Imo healthcare sector: challenges before Governor Hope Uzodimma

Imo State General Hospital

It is no longer news that Distinguished Sen. Hope Uzodimma, the Imo State Governor took over a failed State. A State misgoverned for the preceding period of eight years to the extent that the citizens, sometimes, felt that their fortunes would never change. The key sectors of the economy such as Health, Education, Agriculture, Infrastructure, and Rural development among others suffered major setbacks with really nothing to show during those locust years.
Here, some reflection might help: after the inauguration of Gov. Okorocha in 2011, a lot of Imo citizens heaved a sigh of relief believing the much-awaited Messiah had finally come. The jubilations knew no bounds and cut across every stratum of the State. During his inauguration, Gov. Okorocha promised the people selfless service and good governance with the much-needed dividends of democracy as an outcome. This writer was present at that event. Today, only the people of Imo could judge whether the promises were kept.
One of the most conspicuous legacies of the abysmal Rescue experiment in the State is the health sector. All the primary, secondary, and State-owned tertiary health facilities were left comatose at the time the regime exited. The only functional government hospital in Imo State is the Federal Medical Center, Owerri, which belongs to the federal government. Thus, it is not surprising that the facility has for a while been overburdened despite the efforts of FMC Management to deal with the situation. While in office Gov. Okorocha embarked on the building of the so-called 27 “General Hospitals’ on major high ways across the State in the hope that the world would see and applaud the white elephant projects despite the danger crossing the highways portends to the patients. The existing 17 general hospitals located in various local governments serving the rural communities over the years were left to die needlessly when they could easily have been ‘rescued’ and modernized.
Unfortunately, despite the several billions of naira spent on building the new hospitals not a single one was completed and functional after eight years of the so-called ‘Rescue’ administration.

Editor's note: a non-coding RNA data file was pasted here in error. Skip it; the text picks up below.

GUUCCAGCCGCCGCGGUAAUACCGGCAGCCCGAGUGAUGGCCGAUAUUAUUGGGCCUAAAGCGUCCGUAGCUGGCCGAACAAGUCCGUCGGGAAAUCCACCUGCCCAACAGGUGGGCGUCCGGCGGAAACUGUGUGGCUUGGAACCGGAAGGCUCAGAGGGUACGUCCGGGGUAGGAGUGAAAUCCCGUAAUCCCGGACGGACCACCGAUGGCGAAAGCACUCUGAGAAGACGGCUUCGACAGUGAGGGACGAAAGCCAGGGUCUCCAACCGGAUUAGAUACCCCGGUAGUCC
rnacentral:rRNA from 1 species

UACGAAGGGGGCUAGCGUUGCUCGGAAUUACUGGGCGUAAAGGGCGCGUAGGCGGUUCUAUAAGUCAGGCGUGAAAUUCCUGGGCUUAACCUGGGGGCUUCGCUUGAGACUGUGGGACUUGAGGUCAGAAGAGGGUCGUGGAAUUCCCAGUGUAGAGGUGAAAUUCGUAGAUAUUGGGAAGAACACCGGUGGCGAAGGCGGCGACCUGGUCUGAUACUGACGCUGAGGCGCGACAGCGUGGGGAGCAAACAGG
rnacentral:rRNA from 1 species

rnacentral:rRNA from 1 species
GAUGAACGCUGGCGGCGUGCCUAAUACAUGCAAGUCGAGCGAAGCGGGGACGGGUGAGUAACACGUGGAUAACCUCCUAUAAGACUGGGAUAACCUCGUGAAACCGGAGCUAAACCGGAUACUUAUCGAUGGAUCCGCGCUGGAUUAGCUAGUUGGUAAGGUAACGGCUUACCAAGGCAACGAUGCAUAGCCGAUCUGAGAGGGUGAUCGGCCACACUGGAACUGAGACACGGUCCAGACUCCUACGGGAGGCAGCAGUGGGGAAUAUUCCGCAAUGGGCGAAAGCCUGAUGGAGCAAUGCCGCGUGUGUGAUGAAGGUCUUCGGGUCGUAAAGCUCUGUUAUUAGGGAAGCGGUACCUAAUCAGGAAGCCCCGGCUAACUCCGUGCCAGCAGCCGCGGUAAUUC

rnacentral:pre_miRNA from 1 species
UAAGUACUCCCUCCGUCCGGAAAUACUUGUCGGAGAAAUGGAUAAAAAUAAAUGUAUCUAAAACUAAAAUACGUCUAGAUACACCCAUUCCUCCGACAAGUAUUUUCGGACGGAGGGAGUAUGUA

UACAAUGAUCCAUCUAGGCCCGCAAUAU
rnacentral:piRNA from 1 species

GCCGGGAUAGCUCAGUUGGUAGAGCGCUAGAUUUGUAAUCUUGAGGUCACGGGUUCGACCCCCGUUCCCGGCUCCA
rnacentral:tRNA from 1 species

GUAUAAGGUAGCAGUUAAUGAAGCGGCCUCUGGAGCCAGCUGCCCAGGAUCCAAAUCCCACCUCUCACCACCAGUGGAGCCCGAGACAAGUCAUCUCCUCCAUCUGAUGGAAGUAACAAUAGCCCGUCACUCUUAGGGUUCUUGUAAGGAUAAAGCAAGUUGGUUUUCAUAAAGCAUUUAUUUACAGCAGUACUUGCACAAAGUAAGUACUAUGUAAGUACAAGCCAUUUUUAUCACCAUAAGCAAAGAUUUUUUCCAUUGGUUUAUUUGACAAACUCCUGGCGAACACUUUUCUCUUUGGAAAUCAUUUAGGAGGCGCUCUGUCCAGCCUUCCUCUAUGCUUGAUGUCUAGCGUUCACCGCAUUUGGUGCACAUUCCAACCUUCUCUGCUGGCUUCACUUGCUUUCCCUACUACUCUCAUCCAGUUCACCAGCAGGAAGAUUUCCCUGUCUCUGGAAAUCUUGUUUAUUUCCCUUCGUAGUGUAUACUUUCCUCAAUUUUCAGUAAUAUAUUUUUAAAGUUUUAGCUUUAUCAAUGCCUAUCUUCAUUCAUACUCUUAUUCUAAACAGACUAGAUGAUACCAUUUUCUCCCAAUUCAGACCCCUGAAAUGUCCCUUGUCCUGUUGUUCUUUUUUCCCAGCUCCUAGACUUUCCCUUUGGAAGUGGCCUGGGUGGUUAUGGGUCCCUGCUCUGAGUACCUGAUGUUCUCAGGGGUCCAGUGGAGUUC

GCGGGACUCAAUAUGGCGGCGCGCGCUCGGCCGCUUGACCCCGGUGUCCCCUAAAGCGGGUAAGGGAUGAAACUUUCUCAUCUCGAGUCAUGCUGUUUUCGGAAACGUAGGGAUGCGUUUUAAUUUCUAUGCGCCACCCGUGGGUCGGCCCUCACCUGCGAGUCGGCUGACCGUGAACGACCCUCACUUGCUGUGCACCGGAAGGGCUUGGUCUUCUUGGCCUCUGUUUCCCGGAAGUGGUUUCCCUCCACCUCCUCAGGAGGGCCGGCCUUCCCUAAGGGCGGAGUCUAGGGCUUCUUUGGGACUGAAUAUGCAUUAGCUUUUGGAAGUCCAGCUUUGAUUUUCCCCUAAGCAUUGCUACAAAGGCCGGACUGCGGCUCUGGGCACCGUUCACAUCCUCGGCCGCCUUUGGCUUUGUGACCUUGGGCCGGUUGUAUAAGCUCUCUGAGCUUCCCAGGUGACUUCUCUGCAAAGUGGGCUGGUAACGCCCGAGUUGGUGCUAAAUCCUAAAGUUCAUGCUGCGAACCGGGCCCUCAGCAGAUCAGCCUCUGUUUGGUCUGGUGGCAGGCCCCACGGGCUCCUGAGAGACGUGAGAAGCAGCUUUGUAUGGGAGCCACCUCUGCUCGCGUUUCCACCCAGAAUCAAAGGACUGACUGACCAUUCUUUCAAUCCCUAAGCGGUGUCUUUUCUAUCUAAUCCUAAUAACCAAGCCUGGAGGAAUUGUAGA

The fact remains that Imo people need health care desperately, while medical students, as well as those in other health care professions like Medical Laboratory Science, Nursing, etc. also need a conducive environment for training.
So where does Gov Uzodimma go from here?
As a man who has his eyes on the ball, he needs to reflect on what the people need and articulate the best way forward despite the enormity of the problem.
The recent report submitted to Governor by the committee set up to look into the Imo State University teaching hospital will be a handy tool towards repositioning the flagship institution to offer quality health care service and training at the highest level. The old general hospitals in various local government areas should be renovated and re-equipped. Various LGA chairmen could be directed to put in place a technical committee of experts to carry out a needs assessment of various primary health care centers in their domains. The findings will assist the government to deploy its lean resources effectively towards resuscitating those health centers. By enabling the rural people to access some level of health care within their communities a lot would have been achieved, as the health centers, when functional, will offer first-level health care.
Common illnesses like malaria, typhoid, diarrhea as well as screening for high blood pressure and diabetes, etc. could be managed while patients requiring further attention could then be referred to the general hospitals in the local governments. This way everyone will not need to head to the FMC, Owerri for every ailment thereby helping the center to concentrate on its core mandate of providing tertiary health care delivery service and training.
It is also important to mention that the present government inherited a demoralized workforce. This is especially true of the various categories of health care providers in government employment. Therefore, there is a need to do a proper staff audit to determine the manpower requirements of the health sector in Imo State and at the same time motivate the existing personnel to become more productive. As the biblical saying goes, “A laborer deserves his wages”. Those looking after the sick and elderly need to get commensurate remunerations at the minimum as the need for their commitment to duty would be crucial to the success of the health sector.
From what we have seen so far Governor Hope Uzodimma appears to be committed to turning the fortunes of the citizens, and does not appear to be swayed by the superficial or mundane. These are good attributes, so let his actions speak louder than his voice, and the healthcare sector could witness a positive change under this government.



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